We have demonstrated previously that Japanese sake yeast improves sleep quality in humans. In the present study, we examined the molecular mechanisms of sake yeast to induce sleep by monitoring locomotor activity, electromyogram and electroencephalogram in mice. Oral administration of Japanese sake yeast (100, 200, and 300 mg kg−1) decreased the locomotor activity by 18, 46 and 59% and increased the amount of non-rapid eye movement (NREM) sleep by 1.5-, 2.3- and 2.4-fold (to 37 ± 6, 57 ± 8, and 60 ± 4 min from 25 ± 6 min in the vehicle-administered group, respectively) in a dose-dependent manner for 4 h after oral administration. However, Japanese sake yeast did not change the amount of rapid eye movement (REM) sleep, the electroencephalogram power density during NREM sleep or show any adverse effects, such as rebound of insomnia, during 24 h postadministration and on the next day. An intraperitoneal pretreatment with an adenosine A2A receptor-selective antagonist, ZM241385 (15 mg kg−1), reduced the amount of NREM sleep of sake yeast-administered mice to the basal level, without changing basal amount of sleep. Conversely, an A1 receptor-selective antagonist, 8-cyclopentyltheophylline (10 mg kg−1), did not affect the sleep-promoting effect of Japanese sake yeast. Thus, Japanese sake yeast promotes NREM sleep via activation of adenosine A2A but not A1 receptors.


JSPS Kakenhi grants’ results 2016

Urade Laboratory’s great work has been rewarded this year!

Pr. Urade got rewarded by a grant in Aid for Scientists A (Kiban A) for the next 3 years.

Dr. Cherasse received a 3 years Grant-in-aid for Young Scientists B (Kakenhi Wakate B).

Good luck to you all with your research projects, may you be successful and the force be with you.

JSPS Kakenhi


Publication in eNeuro

Dr. Kaushik and his collaborators published their results in eNeuro.

Specific Targeting of the Basolateral Amygdala to Projectionally Defined Pyramidal Neurons in Prelimbic and Infralimbic Cortex.



Adjacent prelimbic (PL) and infralimbic (IL) regions in the medial prefrontal cortex have distinct roles in emotional learning. A complete mechanistic understanding underlying this dichotomy remains unclear. Here we explored targeting of specific PL and IL neurons by the basolateral amygdala (BLA), a limbic structure pivotal in pain and fear processing. In mice, we used retrograde labeling, brain-slice recordings, and adenoviral optogenetics to dissect connectivity of ascending BLA input onto PL and IL neurons projecting to the periaqueductal gray (PAG) or the amygdala. We found differential targeting of BLA projections to PL and IL cortex. Activating BLA projections evoked excitatory and inhibitory responses in cortico-PAG (CP) neurons in layer 5 (L5) of both PL and IL cortex. However, all inhibitory responses were polysynaptic and monosynaptic BLA input was stronger to CP neurons in IL cortex. Conversely, the BLA preferentially targeted corticoamygdalar (CA) neurons in layer 2 (L2) of PL over IL cortex. We also reveal that BLA input is projection specific by showing preferential targeting of L5 CP neurons over neighboring L3/5 CA neurons in IL cortex. We conclude by showing that BLA input is laminar-specific by producing stronger excitatory responses CA neurons in L3/5 compared with L2 in IL cortex. Collectively, this study reveals differential targeting of the BLA to PL and IL cortex, which depends both on laminar location and projection target of cortical neurons. Overall, our findings should have important implications for understanding the processing of pain and fear input by the PL and IL cortex.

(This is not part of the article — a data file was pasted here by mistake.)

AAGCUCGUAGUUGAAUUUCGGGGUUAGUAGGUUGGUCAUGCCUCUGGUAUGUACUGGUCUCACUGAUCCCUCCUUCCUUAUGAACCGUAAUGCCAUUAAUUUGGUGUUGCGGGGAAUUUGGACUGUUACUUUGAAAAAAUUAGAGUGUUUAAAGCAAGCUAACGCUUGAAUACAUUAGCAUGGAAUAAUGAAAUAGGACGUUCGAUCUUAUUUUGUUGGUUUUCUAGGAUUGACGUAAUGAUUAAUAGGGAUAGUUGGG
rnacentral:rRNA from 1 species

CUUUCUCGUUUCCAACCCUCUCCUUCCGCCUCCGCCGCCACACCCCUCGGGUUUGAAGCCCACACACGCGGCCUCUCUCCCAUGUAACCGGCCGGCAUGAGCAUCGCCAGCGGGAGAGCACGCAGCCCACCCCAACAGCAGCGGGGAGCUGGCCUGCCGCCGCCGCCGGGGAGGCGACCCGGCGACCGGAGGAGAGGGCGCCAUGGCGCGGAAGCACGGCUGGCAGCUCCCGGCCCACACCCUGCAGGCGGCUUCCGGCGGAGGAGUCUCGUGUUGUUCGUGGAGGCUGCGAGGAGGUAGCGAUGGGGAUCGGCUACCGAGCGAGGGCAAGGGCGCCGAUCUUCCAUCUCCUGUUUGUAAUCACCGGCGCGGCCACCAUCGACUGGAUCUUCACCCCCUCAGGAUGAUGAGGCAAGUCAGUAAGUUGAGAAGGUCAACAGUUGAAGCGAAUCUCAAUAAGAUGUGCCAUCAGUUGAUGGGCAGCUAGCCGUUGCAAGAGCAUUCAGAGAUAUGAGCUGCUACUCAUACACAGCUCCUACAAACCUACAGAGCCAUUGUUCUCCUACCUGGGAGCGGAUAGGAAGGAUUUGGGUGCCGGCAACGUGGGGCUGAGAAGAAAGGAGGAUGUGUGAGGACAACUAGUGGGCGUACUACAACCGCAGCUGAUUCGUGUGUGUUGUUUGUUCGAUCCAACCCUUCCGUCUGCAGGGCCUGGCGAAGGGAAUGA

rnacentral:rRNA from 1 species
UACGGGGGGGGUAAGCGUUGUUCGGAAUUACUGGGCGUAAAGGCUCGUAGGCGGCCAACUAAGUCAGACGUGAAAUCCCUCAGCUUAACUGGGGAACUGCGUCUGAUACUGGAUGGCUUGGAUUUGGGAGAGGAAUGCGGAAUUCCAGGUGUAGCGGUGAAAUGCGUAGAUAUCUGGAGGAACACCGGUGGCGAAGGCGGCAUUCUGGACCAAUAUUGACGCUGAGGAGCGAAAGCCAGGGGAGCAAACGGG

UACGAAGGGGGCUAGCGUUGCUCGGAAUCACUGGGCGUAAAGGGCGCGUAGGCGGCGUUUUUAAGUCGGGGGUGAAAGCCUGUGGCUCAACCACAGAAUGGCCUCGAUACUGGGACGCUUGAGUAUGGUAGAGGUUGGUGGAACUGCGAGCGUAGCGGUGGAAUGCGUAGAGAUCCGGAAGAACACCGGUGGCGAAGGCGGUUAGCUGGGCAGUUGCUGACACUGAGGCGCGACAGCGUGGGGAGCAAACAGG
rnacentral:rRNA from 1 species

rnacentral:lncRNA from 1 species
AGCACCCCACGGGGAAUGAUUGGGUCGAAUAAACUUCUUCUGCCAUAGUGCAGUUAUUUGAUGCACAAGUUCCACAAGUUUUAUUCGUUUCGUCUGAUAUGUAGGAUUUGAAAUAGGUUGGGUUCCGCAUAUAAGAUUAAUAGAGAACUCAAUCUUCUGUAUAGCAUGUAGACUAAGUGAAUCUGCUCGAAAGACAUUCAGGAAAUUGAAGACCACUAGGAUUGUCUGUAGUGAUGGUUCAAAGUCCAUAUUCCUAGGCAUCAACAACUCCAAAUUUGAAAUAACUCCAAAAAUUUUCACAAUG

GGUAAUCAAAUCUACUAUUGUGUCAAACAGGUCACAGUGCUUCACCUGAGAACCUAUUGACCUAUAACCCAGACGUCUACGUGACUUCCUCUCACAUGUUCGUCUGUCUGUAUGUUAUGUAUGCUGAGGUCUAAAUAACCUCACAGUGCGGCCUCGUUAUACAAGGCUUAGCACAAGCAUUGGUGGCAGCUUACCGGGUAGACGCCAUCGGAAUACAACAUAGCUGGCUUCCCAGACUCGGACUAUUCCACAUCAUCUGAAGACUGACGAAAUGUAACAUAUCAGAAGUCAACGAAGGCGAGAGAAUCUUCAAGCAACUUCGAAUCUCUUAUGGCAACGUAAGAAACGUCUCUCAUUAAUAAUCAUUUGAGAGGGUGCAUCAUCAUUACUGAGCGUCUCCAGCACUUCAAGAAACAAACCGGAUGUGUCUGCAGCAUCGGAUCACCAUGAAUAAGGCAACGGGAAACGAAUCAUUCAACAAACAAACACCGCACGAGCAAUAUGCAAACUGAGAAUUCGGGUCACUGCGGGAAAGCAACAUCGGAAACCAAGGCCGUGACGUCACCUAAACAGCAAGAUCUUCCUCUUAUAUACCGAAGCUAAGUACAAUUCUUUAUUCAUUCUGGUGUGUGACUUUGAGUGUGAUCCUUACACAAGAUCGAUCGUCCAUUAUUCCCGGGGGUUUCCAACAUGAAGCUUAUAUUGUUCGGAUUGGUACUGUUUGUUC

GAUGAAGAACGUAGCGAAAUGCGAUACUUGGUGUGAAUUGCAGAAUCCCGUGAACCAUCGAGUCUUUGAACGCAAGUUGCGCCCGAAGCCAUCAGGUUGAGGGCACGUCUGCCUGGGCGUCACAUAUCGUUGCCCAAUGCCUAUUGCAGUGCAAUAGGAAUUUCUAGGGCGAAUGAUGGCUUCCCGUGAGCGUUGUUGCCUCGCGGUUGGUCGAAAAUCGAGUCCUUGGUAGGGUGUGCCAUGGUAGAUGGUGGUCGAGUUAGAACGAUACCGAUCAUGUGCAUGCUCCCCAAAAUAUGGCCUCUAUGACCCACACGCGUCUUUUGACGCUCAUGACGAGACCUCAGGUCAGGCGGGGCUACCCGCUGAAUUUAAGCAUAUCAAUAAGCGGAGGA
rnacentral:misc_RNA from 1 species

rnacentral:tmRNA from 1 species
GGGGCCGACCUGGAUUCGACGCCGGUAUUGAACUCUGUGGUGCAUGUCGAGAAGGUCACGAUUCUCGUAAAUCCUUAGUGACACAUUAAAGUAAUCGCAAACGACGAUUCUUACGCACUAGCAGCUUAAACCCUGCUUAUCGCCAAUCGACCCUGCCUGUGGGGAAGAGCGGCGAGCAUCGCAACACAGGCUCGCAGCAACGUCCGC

Final report NARO 2016

The sleep consortium presented its conclusions at the NARO final report, in Tokyo Akihabara.

The poster presentation was a great success with many people interested to know how zinc supplementation can become beneficial for health!

20160318_134842  20160318_160232


New comer

Urade Laboratory is happy to welcome a new comer.

Ms Ito is joining our group as a replacement of Ms Hasegawa.

Welcome and good luck in your new journey into sleep science.


Publication in Journal of Visualized Experiments

Pr. Urade and his collaborators published their results in Journal of Visualized Experiments.

Polygraphic Recording Procedure for Measuring Sleep in Mice.



Recording of the epidural electroencephalogram (EEG) and electromyogram (EMG) in small animals, like mice and rats, has been pivotal to study the homeodynamics and circuitry of sleep-wake regulation. In many laboratories, a cable-based sleep recording system is used to monitor the EEG and EMG in freely behaving mice in combination with computer software for automatic scoring of the vigilance states on the basis of power spectrum analysis of EEG data. A description of this system is detailed herein. Steel screws are implanted over the frontal cortical area and the parietal area of 1 hemisphere for monitoring EEG signals. In addition, EMG activity is monitored by the bilateral placement of wires in both neck muscles. Non-rapid eye movement (Non-REM; NREM) sleep is characterized by large, slow brain waves with delta activity below 4 Hz in the EEG, whereas a shift from low-frequency delta activity to a rapid low-voltage EEG in the theta range between 6 and 10 Hz can be observed at the transition from NREM to REM sleep. By contrast, wakefulness is identified by low- to moderate-voltage brain waves in the EEG trace and significant EMG activity.